I will let know my opinion, despite my toughts possibly are not directly related to the question.:
As in many issues, reply about using Stored Procedures or an application-layer driven solution relies on questions that will drive the overall effort:
Are you trying to do either batch operations or on-line operations? are they completely transactional? how recurrent are those operations? how heavy is the awaited workload for the database?
- What you have in order to get it.
What kind of database technology you have? What kind of infrastucture? Is your team fully trained in the database technology? Is your team better capable of building a database-aegnostic solution?
No secrets about that.
Is your solution required to be distributed onto several locations? is your solution required to use remote communications? is your solution working on several database servers, or possibly using a cluster-based architecture?
How much is the application required to change? do you have personal specifically trained for maintain the solution?
Do you see your database technology will change at a short, middle, long time? do you see will be required to migrate the solution frequently?
How much will cost to implement that solution using one or another strategy?
The overall of those points will drive the answer. So you have to care each of this points when making a decision about using or not any strategy. There are cases where using of stored procedures are better than application-layer managed queries, and others when, conducting queries and using an application-layer based solution is best.
Using of stored procedures tends to be more addequate when:
- Your database technology isn't provided to change at a short time.
- Your database technology can handle parallelized operations, table partitions or anything else strategy for divide the workload onto several processors, memory and resources (clustering, grid).
- Your database technology is fully integrated with the stored proceduce definition language, that is, support is inside the database engine.
- You have a development team who aren't afraid about using a procedural language (3rd. Generation language) for getting a result.
- Operations you wanna achieve are built-in or supported inside the database (Exporting to XML data, managing data integrity and coherence appropiately with triggers, scheduled operations, etc).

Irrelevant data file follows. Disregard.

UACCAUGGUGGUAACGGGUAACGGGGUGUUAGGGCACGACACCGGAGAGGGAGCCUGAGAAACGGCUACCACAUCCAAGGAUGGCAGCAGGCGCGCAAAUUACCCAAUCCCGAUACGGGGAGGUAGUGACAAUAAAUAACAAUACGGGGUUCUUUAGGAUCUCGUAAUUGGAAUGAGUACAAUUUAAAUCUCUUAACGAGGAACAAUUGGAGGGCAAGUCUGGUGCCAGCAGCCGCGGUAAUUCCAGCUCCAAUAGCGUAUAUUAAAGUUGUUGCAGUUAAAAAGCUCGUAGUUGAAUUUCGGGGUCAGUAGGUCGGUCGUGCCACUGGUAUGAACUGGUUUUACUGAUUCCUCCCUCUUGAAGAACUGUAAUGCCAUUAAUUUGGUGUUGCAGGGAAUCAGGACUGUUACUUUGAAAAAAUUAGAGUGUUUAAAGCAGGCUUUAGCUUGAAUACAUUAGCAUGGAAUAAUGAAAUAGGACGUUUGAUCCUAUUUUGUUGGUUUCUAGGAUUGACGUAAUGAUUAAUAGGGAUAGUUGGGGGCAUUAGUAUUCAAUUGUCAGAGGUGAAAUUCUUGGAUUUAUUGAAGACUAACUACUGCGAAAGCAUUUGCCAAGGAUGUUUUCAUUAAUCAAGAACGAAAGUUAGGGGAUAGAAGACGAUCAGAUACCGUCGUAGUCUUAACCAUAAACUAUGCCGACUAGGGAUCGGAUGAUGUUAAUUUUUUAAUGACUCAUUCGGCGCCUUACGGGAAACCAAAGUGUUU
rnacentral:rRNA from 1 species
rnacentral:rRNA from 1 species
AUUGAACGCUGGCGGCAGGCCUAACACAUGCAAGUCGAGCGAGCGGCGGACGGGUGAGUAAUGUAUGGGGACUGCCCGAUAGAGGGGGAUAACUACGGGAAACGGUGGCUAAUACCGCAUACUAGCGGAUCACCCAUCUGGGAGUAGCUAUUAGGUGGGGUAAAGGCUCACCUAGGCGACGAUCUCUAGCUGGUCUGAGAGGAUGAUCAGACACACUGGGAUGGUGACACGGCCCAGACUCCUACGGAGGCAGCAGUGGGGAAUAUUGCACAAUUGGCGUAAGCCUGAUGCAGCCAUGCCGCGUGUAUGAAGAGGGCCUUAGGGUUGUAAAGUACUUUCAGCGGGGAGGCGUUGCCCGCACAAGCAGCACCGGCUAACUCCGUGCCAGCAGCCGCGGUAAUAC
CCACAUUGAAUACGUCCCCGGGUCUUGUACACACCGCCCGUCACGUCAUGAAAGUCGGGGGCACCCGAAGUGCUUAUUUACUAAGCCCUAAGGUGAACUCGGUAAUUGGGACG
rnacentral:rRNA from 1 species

- Portability isn't an important issue and you do not whatch a technology change at a short time into your organization, even, it is not desirable. Generally, portability is seen like a milestone by the application-driven and layered-oriented developers. From my point of view, portability isn't an issue when your application isn't required to be deployed for several platforms, less when there are no reasons for making a technology change, or the effort for migrating all the organizational data is higher than the benefit for making a change. What you can win by using an application-layer driven approach (portability) you can loose in performance and value obtained from your database (Why to spend thousands of dollars for to get a Ferrari that you'll drive no more than 60 milles/hr?).
- Performance is an issue. First: In several cases, you can achieve better results by using a single stored procedure call than multiple requests for data from another application. Moreover, some characteristics you need to perform may be built-in your database and its use less expensive in terms of workload. When you use an application-layer driven solution you have to take in account the cost associated to make database connections, making calls to the database, network traffic, data wrapping (i.e., using either Java or .NET, there is an implicit cost when using JDBC/ADO.NET calls as you have to wrap your data into objects that represents the database data, so instantiation has an associated cost in terms of processing, memory, and network when data comes from and goes to outside).
Using of application-layer driven solutions tends to be more addequate when:
- Portability is an important issue.
- Application will be deployed onto several locations with only one or few database repositories.
- Your application will use heavy business-oriented rules, that need to be agnostic of the underlying database technology.
- You have in mind to do change technology providers based on market tendencies and budget.
- Your database isn't fully integrated with the stored procedure language that calls to the database.
- Your database capabilities are limited and your requirement goes beyond what you can achieve with your database technology.
- Your application can support the penalty inherent to external calls, is more transactional-based with business-specific rules and has to abstract the database model onto a business model for the users.
- Parallelizing database operations isn't important, moreover, your database has not parallelization capabilities.
- You have a development team which is not well-trained onto the database technology and is better productive by using an application-driven based technology.
Hope this may help to anyone asking himself/herself what is better to use.